Author’s Note: Having Violet stuck in her bed is kind of problematic, but there’s still stuff going on around her, I suppose.
Everyone’s temper is a bit short, too.
“Would you bring me some pen and paper?” Violet asked, trying to adjust her position on the bed. She could not seem to find a good position to sit to alleviate the pain in her back, and she would much rather not be in her bed at all, not that she was certain that she had the strength to walk around. Still, she had come to despise this place over the course of her pregnancy, and she needed a distraction if she couldn’t leave.
Her aunt shook her head, making no attempt to rise from her chair. The knitting she’d brought with her would appear to be more important than her niece’s wishes, but Violet was not so foolish as to think that her actions were done out of preoccupation. She knew her aunt. She knew how much Beatrice disapproved of all the choices she’d made, and since Violet was still making the same choices, her aunt was still annoyed, perhaps even angry.
“You are supposed to be resting.”
Violet sighed. “Do not scowl at me so, Aunt Beatrice. I did not… I have already been punished, do you not think so? I did not ask for Mr. Winston’s harsh words, nor am I feeling… well, but I do not need further censure. The discomfort in my back is plenty.”
Her aunt’s fingers moved her needles in quick progression, her mood showing in her stitches. “Then rest.”
“Beatrice, let her be.” Violet’s mother came over her side with the pen and paper, handing it to her. Violet smiled at her mother, who sat on the edge of the bed. She let out a breath, reaching out to touch her hand. “So he is leaving, is he?”
Her mother understood. Violet was not surprised. “He said that it would be necessary to get his father to go. That, and he feels that he had upset me too much. It should be a relief, I suppose, to have him go. It should help with my confusion, should make it easier for me to know what is real and what is not, shouldn’t it?”
Her mother touched her cheek. “Oh, yes, I imagine that it will, and yet it will not be easy.”
Violet closed her eyes. “Why should I miss him already? He is still a stranger to me.”
Beatrice snorted. “Hardly.”
“You are bitter, but you need not treat your niece this way. Violet did not do wrong, and it is unfair of you to treat her that way. You cannot fault her for hesitating before a second marriage. I do not recall you encouraging me to have one, and I was a widow.”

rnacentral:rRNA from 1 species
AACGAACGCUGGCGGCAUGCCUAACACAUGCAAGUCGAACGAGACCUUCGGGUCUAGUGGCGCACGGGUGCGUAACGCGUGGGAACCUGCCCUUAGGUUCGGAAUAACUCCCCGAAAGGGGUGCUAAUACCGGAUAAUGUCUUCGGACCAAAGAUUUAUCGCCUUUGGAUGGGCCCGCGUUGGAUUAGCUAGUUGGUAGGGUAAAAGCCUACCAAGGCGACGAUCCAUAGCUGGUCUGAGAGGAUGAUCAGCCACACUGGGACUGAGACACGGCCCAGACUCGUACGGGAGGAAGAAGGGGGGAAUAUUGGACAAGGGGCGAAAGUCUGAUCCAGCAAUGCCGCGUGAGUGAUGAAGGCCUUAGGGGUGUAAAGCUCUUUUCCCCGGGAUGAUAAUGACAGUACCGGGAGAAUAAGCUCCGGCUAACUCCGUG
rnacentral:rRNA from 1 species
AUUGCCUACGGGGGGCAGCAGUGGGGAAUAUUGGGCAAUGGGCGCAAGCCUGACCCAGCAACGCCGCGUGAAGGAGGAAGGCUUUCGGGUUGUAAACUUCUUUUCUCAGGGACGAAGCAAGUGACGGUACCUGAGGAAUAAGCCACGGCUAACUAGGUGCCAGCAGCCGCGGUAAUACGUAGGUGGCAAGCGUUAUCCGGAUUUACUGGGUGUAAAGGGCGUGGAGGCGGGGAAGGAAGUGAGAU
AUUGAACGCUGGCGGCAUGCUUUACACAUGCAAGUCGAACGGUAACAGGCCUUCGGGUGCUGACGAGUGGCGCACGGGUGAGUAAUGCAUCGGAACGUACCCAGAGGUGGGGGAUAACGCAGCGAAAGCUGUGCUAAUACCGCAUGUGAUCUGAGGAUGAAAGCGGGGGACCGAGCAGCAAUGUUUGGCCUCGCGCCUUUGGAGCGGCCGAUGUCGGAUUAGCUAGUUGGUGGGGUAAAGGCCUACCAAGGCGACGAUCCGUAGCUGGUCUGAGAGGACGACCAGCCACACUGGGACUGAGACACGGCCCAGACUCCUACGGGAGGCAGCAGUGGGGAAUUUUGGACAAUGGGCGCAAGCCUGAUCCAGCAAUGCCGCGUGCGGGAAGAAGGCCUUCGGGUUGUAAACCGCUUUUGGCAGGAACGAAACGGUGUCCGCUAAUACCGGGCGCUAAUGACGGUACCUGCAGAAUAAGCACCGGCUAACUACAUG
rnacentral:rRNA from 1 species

Beatrice grunted. “Your circumstances were different. A widow is not the same. You were unmarried by circumstance. She is unmarried by choice.”
Violet glared at her aunt. “You cannot force the man to marry me, and had someone not taken his name, there would be no need of it. I would be married now if Winston had not lied when he signed those papers. It might even be argued that I am married to that man regardless of his name.”
“I sincerely hope not,” her mother said. She patted Violet’s hand, reminding her of the pen. “Write to him if you like. If you can help him find the man who deceived you, then you should.”
“You do not think it is foolish to try and remain in communication with him, do you?” Violet turned over to her aunt. “Do not say it. I know what you think.”
“Do you? Perhaps he will realize what a fool he is and do the honorable thing yet. You need to remind him of what that truly is.”
“Oh, if only I could sin and get pregnant and convince him to marry me to save my honor,” Violet said, getting a look from her mother as well as her aunt for that mockery. She smiled. Beatrice rose in a huff, taking her knitting with her as she departed.
“You should not provoke your aunt that way.”
“I hate how everyone tells me that I should marry him. I don’t know how I feel, so why should I be pressured into marrying him? It’s… He doesn’t want me, and I do not know that it would ever be wise to push a man who is not ready for marriage into it, no matter how I might feel about him.”
“He seems to be a very decent man.”
Violet sighed. “We both thought Winston was a decent man. He was not.”
“We may have been fooled, yes, but still, I do not think writing to Robbie can be harmful. You may help him, and he may come to feel differently than he does now. I do not think that he does not care at all, or he would not have thought he should go to spare you pain.”
“I know, but do not hope for too much. He is not going to fix everything that Winston did wrong even if he marries me.”
“As long as he makes you happy and takes good care of the child, the rest will not matter.”